Throughout the playoffs (quarterfinals, semifinals), I have analyzed whether a team’s hits for and against were indicative of their success. Studying a team’s Corsi for percentage per game and expected goals for per game alongside their cumulative hits can help us spot high-level trends.
We’re seeking to determine the accuracy of the narrative that many hockey traditionalists love – that a team must increase their hitting to succeed in their quest for the Stanley Cup. This has been studied in recent seasons, including 2014-15 season, 2015 playoffs, and 2016 playoffs, yet no decisive correlation was found between a team’s increased hitting and success. So far in the first two rounds of the playoffs, this seems to hold true.
One aspect of the traditionalist narrative appears to have held through the Conference Final: teams have substantially increased their hitting in the postseason as compared to the regular season, as shown above. Next, we can dig deeper into each Round 3 series.
The Penguins have consistently been outhit throughout these playoffs, up to and including Round 3. In contrast, their CF% per game increased from the series’ start to finish – as did their xGF per game.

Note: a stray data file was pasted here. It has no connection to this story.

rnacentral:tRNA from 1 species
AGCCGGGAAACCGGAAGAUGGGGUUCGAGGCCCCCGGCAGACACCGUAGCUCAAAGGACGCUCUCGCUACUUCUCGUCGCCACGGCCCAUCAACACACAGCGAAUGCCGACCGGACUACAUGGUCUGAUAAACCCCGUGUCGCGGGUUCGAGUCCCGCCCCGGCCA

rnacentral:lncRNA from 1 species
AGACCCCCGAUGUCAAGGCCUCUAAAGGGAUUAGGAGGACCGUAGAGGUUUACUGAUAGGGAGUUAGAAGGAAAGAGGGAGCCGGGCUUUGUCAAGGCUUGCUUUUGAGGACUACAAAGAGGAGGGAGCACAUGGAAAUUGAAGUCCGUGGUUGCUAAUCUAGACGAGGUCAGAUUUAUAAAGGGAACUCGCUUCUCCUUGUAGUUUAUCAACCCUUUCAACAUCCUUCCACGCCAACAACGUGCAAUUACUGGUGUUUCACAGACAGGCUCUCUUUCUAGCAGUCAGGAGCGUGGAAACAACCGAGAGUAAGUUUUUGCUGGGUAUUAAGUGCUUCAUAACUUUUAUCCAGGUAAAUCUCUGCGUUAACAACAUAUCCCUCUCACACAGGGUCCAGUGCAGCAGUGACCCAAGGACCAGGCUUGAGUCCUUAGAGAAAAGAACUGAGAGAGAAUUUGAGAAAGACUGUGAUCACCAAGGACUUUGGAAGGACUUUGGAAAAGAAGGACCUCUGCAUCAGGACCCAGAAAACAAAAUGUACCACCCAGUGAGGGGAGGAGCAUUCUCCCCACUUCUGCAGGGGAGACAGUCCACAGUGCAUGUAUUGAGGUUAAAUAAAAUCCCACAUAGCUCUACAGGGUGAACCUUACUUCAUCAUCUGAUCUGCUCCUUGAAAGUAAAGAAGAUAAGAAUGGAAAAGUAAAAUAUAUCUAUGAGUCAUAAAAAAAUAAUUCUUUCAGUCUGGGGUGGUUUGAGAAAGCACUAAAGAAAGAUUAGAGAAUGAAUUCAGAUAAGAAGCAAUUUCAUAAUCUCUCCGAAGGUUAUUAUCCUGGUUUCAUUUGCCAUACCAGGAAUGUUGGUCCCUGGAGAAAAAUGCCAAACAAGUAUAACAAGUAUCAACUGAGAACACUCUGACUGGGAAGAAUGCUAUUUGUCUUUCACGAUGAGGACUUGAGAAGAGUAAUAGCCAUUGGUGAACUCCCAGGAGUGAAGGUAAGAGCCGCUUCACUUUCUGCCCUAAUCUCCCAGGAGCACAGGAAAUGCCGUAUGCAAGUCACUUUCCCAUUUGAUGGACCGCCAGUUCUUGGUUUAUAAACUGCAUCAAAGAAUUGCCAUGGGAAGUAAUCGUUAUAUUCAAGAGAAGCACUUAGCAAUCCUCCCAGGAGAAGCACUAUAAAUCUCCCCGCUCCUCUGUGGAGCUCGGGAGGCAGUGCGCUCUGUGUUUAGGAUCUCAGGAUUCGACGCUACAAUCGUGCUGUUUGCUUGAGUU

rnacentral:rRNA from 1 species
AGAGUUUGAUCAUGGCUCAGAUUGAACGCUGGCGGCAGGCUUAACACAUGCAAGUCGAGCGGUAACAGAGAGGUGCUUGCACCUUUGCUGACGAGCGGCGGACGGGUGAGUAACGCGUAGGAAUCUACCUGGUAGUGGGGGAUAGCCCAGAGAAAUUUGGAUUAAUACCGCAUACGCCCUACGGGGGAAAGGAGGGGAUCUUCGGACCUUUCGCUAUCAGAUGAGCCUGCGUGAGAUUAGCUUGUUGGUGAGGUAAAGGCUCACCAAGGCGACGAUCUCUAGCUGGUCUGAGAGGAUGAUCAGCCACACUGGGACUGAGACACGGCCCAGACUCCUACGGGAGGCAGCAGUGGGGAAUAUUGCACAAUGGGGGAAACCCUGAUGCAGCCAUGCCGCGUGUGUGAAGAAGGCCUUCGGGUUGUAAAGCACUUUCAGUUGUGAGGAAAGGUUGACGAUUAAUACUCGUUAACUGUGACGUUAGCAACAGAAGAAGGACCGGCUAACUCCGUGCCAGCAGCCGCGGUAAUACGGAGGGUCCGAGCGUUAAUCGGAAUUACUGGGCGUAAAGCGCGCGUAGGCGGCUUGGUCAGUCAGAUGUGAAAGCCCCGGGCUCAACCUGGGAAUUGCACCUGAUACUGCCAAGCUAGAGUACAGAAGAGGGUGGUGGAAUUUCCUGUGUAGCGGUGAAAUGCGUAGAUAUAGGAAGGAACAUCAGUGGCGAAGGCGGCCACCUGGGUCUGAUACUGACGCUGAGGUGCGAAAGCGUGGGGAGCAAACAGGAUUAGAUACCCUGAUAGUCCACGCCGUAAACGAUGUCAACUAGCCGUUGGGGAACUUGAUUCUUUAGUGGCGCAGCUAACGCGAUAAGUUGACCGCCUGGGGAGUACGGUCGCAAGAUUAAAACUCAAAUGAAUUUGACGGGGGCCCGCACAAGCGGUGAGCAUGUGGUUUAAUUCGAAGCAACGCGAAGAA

In theory, the Penguins should have felt worn out and decreased production because they were outhit throughout the playoffs. The Penguins did have their highest number of hits for and highest series CF% in the Conference Final. However, there has not been a clear pattern throughout their playoffs that shows a link between increased hits and CF% per series.
The Ottawa Senators were also outhit until the Eastern Conference Final, where they were eliminated. In this series, their CF% for the series was the lowest of their playoffs, dropping as their series against the Penguins progressed, while their xGF varied throughout, eventually ending slightly higher than it was in Game 1.
At the other end of the bracket, the Nashville Predators outhit their opponents in the first two rounds of the playoffs, until they met the Anaheim Ducks in the Western Conference Final. They finished this series with their highest playoff CF% (52.19), though it decreased from start to finish. Their xGF per game also dropped as the series progressed, after peaking in Game 2.
The Ducks CF% and xGF per game increased from start to finish against the Predators, although both dropped in Game 3. More indicative than their hitting was the fact that their CF% was the lowest of the playoffs (and lower than Nashville’s) in this series – and that has a well-studied, proven correlation with losing.
Finally, when we look at the cumulative playoff hits against for all teams, it is clear that the Eastern Conference finalists went through much more wear-and-tear than their Western Conference counterparts. This may shape the outcome of the final series.
*Data is at 5v5, via Corsica.hockey and NaturalStatTrick.